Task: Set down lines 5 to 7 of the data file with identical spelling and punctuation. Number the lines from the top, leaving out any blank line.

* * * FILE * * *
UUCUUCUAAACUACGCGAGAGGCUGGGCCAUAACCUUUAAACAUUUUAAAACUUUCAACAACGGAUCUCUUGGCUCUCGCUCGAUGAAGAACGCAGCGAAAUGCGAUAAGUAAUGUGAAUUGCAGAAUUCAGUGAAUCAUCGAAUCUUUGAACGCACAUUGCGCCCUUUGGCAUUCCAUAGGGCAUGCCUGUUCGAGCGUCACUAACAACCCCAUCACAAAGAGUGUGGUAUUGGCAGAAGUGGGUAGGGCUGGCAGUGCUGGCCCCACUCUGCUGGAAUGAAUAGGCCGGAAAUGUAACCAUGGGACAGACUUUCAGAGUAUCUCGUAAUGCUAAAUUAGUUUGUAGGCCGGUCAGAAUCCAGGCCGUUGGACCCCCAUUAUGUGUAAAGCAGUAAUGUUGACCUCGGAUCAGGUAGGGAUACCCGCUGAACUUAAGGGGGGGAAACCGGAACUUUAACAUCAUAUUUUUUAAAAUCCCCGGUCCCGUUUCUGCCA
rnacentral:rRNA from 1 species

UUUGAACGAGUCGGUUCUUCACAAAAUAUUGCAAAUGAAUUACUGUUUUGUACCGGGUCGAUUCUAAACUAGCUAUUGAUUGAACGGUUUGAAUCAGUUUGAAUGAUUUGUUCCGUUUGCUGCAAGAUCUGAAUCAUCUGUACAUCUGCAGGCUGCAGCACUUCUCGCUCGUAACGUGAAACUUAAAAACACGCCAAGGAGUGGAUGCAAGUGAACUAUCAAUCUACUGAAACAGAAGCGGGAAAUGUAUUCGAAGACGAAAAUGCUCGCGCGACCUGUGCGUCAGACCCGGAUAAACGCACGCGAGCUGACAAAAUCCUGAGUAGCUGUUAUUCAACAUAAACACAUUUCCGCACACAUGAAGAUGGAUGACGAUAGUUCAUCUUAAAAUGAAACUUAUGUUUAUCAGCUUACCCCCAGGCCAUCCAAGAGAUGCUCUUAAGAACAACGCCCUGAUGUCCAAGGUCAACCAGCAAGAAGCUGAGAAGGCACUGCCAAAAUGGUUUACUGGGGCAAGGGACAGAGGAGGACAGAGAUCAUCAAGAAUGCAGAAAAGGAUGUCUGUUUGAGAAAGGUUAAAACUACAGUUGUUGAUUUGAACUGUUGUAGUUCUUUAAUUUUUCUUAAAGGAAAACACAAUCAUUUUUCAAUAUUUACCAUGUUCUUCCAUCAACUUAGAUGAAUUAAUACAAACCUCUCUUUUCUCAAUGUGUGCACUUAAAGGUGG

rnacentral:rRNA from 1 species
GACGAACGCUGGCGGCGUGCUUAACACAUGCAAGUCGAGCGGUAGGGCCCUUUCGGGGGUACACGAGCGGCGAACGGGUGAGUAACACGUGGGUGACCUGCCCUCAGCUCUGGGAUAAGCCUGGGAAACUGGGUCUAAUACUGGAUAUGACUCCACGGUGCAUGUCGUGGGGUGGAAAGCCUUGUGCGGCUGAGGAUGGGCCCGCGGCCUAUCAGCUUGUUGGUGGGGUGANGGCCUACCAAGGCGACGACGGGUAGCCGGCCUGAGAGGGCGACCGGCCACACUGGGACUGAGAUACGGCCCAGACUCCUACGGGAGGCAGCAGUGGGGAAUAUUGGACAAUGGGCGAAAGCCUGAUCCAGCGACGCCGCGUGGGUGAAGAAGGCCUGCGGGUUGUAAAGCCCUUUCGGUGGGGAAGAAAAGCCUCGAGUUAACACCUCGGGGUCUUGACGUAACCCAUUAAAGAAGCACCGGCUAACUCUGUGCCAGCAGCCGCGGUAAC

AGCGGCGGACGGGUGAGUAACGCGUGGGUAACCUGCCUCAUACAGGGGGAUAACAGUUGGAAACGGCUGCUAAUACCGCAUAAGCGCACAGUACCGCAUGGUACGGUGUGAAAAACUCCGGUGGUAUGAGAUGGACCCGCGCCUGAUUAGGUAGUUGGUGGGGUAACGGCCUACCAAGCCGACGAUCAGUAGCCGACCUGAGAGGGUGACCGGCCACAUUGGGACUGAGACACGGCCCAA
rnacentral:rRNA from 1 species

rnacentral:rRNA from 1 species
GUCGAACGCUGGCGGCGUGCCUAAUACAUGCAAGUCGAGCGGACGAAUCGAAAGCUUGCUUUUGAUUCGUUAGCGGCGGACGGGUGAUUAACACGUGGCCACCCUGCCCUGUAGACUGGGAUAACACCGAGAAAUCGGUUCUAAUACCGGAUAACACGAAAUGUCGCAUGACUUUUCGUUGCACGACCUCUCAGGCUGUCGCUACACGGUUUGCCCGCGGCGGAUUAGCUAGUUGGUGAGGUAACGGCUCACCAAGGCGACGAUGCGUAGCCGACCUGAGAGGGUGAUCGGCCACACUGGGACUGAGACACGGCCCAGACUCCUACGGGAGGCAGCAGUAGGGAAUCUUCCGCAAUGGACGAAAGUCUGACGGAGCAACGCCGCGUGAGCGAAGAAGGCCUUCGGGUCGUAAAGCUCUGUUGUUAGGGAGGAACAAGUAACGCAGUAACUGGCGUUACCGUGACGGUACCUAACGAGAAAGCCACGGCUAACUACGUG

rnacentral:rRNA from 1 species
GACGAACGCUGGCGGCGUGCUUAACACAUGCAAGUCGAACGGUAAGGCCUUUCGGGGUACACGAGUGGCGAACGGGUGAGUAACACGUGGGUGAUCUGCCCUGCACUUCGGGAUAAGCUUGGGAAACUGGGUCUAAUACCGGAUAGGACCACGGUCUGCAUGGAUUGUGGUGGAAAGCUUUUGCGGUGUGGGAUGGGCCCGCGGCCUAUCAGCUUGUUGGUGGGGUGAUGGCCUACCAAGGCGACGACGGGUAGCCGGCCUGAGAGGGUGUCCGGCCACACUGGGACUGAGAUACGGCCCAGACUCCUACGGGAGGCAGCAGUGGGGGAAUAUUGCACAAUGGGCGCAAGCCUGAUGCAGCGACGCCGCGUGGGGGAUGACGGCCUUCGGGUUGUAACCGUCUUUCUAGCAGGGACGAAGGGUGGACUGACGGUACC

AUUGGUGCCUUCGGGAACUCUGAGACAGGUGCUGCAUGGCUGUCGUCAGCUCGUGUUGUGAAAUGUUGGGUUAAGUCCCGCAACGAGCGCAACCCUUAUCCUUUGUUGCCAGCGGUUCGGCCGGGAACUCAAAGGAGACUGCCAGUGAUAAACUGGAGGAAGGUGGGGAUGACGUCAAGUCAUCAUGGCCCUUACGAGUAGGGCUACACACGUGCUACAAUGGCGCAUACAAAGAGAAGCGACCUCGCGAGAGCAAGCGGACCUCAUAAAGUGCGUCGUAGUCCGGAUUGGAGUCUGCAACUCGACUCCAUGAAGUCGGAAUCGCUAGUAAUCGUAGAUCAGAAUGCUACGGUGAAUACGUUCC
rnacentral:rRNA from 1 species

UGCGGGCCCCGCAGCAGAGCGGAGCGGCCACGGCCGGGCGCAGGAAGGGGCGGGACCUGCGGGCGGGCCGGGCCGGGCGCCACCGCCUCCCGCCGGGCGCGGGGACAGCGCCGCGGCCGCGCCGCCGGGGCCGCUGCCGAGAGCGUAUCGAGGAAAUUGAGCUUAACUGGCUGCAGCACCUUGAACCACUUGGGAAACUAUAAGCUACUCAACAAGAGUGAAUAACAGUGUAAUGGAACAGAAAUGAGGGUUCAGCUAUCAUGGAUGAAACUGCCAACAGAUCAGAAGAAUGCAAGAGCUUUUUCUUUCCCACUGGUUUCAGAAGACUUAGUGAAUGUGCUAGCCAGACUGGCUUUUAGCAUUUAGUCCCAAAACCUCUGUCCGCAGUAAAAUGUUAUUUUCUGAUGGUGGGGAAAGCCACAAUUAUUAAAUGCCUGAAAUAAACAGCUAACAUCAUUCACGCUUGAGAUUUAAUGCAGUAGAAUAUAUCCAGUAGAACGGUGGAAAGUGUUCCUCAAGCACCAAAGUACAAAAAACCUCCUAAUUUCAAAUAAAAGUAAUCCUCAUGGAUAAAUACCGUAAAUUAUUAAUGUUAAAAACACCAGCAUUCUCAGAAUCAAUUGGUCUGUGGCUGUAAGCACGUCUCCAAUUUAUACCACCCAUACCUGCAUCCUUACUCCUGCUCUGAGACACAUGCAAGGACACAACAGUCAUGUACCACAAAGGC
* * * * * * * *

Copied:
GACGAACGCUGGCGGCGUGCUUAACACAUGCAAGUCGAGCGGUAGGGCCCUUUCGGGGGUACACGAGCGGCGAACGGGUGAGUAACACGUGGGUGACCUGCCCUCAGCUCUGGGAUAAGCCUGGGAAACUGGGUCUAAUACUGGAUAUGACUCCACGGUGCAUGUCGUGGGGUGGAAAGCCUUGUGCGGCUGAGGAUGGGCCCGCGGCCUAUCAGCUUGUUGGUGGGGUGANGGCCUACCAAGGCGACGACGGGUAGCCGGCCUGAGAGGGCGACCGGCCACACUGGGACUGAGAUACGGCCCAGACUCCUACGGGAGGCAGCAGUGGGGAAUAUUGGACAAUGGGCGAAAGCCUGAUCCAGCGACGCCGCGUGGGUGAAGAAGGCCUGCGGGUUGUAAAGCCCUUUCGGUGGGGAAGAAAAGCCUCGAGUUAACACCUCGGGGUCUUGACGUAACCCAUUAAAGAAGCACCGGCUAACUCUGUGCCAGCAGCCGCGGUAAC

AGCGGCGGACGGGUGAGUAACGCGUGGGUAACCUGCCUCAUACAGGGGGAUAACAGUUGGAAACGGCUGCUAAUACCGCAUAAGCGCACAGUACCGCAUGGUACGGUGUGAAAAACUCCGGUGGUAUGAGAUGGACCCGCGCCUGAUUAGGUAGUUGGUGGGGUAACGGCCUACCAAGCCGACGAUCAGUAGCCGACCUGAGAGGGUGACCGGCCACAUUGGGACUGAGACACGGCCCAA
rnacentral:rRNA from 1 species